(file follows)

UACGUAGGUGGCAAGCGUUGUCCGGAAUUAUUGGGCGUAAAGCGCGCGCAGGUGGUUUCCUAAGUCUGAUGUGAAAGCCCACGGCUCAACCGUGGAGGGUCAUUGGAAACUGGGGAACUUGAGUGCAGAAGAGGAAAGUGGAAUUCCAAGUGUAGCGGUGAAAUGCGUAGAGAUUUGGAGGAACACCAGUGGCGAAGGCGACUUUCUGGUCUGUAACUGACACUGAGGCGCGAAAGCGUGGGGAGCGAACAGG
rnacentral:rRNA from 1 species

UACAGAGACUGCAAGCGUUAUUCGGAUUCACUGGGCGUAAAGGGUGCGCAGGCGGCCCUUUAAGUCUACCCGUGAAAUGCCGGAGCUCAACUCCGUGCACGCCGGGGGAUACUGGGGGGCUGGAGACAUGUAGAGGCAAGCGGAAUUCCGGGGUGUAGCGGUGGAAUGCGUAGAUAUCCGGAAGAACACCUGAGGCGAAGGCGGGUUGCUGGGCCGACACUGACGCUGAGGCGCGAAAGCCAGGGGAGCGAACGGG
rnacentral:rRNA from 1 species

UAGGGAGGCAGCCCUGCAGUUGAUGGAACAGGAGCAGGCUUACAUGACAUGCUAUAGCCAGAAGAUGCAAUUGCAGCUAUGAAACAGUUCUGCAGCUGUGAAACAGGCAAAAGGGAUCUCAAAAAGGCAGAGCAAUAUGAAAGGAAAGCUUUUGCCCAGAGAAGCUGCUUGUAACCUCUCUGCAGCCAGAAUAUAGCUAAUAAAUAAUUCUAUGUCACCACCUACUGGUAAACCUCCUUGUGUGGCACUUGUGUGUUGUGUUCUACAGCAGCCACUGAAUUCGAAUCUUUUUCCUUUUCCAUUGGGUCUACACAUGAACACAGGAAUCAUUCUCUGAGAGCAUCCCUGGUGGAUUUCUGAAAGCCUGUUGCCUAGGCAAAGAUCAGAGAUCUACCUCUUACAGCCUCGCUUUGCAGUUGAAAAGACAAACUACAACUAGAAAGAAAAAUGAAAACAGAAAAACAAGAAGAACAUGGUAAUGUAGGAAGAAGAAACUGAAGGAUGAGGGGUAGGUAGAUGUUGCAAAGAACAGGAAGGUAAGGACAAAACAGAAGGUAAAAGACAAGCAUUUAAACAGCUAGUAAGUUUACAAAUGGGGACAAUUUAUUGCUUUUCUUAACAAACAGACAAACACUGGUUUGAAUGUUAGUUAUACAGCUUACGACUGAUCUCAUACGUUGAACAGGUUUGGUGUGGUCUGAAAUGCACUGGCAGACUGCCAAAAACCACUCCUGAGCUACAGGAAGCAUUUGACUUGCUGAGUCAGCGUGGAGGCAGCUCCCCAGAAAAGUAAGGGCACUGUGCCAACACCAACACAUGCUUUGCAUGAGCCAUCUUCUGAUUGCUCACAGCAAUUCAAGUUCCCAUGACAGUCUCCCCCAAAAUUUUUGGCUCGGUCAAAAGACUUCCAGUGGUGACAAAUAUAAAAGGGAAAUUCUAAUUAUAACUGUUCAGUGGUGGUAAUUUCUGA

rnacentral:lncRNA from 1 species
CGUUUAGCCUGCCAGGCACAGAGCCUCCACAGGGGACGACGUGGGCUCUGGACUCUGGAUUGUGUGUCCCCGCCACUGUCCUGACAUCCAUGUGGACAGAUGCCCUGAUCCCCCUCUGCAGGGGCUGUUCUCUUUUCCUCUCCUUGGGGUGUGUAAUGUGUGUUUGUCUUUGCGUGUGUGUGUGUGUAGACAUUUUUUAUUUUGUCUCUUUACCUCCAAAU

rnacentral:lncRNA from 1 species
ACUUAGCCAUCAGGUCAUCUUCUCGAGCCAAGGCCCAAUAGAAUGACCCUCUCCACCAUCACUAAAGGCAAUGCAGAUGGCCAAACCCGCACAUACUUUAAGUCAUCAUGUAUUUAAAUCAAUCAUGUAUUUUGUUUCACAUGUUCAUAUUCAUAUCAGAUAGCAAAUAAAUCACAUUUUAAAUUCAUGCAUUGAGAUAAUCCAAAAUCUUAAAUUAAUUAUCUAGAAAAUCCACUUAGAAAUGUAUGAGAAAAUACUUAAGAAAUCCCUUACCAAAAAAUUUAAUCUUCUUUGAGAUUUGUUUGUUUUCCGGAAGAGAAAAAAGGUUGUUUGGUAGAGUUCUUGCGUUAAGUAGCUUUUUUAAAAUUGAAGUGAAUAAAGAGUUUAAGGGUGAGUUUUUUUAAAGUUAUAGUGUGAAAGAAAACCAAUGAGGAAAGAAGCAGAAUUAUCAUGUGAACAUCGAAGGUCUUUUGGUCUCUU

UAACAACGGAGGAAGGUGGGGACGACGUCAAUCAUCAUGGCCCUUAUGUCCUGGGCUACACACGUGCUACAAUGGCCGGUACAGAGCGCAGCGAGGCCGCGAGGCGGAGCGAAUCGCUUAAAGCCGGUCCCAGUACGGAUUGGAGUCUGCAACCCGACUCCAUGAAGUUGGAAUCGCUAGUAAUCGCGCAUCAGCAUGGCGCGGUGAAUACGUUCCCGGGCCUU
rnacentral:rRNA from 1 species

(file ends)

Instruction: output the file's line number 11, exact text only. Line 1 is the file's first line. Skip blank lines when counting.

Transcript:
rnacentral:rRNA from 1 species